There's a fundamental flaw…

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There's a fundamental flaw in the proscribed process of measuring the levels of contaminants in soils. The Qualified Person is required to collect representative samples for analysis and submit these to an accredited laboratory. Typically, this is done by collecting 100-200 grams of sample into a bottle which is sent to the lab. This bottle is supposed to contain a representative concentration of contaminants that are present in a particular volume of the site, usually several cubic metres (>5,000,000 grams). Given that soil contaminants are never uniformly distributed in the soil, a 100 - 200 gram lab sample has virtually no chance of being representative of more than 5 million grams of soil! That's bad enough but is made much more serious when we realise the laboratory chemist takes only a 1 to 2 gram sub-sample out of the bottle to do his/her analysis. So, the results that are nicely printed out on a certificate of analysis along with pages of quality control data are based on analysing less than half a teaspoonful of soil and this is accepted as a reliable estimate of the level of contaminants in multiple tons of soil! It isn't. Consider this: if the maximum allowable level of a contaminant is in the low or sub-ppm range---as most of them are---and the contaminant is present as particles mixed among similar particles of natural soil, then 1 particle of contaminant in a million particles of soil analysed will yield a lab result around 1 ppm. However, if the lab is only analysing 1000 - 2000 particles, repeat analyses of this sample will be zero (no contaminant particles in the sub-sample) with the (very) odd sample where a particle happens to be present, 1000 ppm.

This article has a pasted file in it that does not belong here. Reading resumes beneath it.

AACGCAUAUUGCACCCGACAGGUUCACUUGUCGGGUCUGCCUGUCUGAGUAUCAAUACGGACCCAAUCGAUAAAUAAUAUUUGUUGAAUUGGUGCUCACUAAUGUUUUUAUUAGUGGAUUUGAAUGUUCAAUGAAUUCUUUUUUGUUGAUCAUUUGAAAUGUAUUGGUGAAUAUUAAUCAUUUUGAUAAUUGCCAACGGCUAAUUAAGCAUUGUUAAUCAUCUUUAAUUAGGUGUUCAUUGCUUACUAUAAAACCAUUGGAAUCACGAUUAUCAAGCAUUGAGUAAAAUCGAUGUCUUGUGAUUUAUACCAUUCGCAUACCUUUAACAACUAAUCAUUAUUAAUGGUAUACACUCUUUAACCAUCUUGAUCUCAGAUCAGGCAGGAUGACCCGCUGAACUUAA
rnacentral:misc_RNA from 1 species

We cannot continue to ignore this issue simply because laboratories cannot handle the size of sample needed to get close to being representative. Multiple millions of dollars are being spent chasing exceedences that don't exist while missing exceedences that do.